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Indoors, with the lightsphere straight up it *can* work, but if you have to angle it in the least forward you will get erratic exposures. It works faultlessly with iTTL, though. Why the interest in Auto mode? Your D3200 works well with i-TTL capable flashes, both Nikon and third-party. A used SB-600 is about as inexpensive as a SB-28 or SB-26 and can still be repaired, unlike the old units. If you want Auto and i-TTL in the same unit there are only three models that fit that description, the SB-800, SB-900 and SB-910.



#7
marco polo

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the intrest in auto mode is because i HAVE to shoot with my nikon flash on a canon soo...



#8
Eagles1181

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Why do you have to use a Nikor flash? Get a Cannon TTL flash and call it good.

#9
Merco_61

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At least here in Sweden, you can get a SB-600 *and* a 420EX or early 430EX used for less than a new SB-910. A SB-700 and a 430EX II together new are not much more than the SB-910...



#10
Mr_Leeman

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I have the D3200 and have a SB-700 - Works a treat for me, although not tried it off camera yet. I need some transmitters.



#11
Gordy

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Hi,

Please can someone help me.  I have just bought my first full frame (D700), in the past I have used D7000 & D7100.  I have tried two different speedlights on the 700 and I am experiencing three flashes before the the camera actuates with a flash.  I have look at "you tube"; ready the book; tried changing settings;  without any success.  All I want is for the flash to fire once and the camera to operate as you would expect.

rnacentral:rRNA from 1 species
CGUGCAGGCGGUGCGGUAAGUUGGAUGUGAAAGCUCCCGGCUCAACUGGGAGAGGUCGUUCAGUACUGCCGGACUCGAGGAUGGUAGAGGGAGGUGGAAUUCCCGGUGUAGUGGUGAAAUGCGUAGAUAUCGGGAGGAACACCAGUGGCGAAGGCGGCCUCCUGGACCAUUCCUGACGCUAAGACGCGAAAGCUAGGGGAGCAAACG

It all seems awfully complicated to me, perhaps I'm just being a wee bit thick.

Can anyone help please.



#12
Adam

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Hi,

Please can someone help me.  I have just bought my first full frame (D700), in the past I have used D7000 & D7100.  I have tried two different speedlights on the 700 and I am experiencing three flashes before the the camera actuates with a flash.  I have look at "you tube"; ready the book; tried changing settings;  without any success.  All I want is for the flash to fire once and the camera to operate as you would expect.

It all seems awfully complicated to me, perhaps I'm just being a wee bit thick.

Can anyone help please.

Do you have re-eye enabled?  If not then the flash should normally fire twice; the pre-flash is needed for metering purposes.



#13
Merco_61

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Definitely sounds like red-eye reduction. There is a button below the release button for the built-in flash. If you press that and turn the control wheel, you will cycle through red-eye, redeye + slow, slow rear, rear and standard sync. Make sure that none of the options is active.



#14
Gordy

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Thank you for your help.  Diagnosis was absolutely spot on.  Well done.



#15
kbblackburn

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My name is Kevin Blackburn & I had the same question about the red eye reduction with a SB 910 mounted on a D 7000.

The answer was correct and does not seem to be addressed in the documentation for the speedlight or the camera.

Thank you very much "Nikionian", you know your stuff !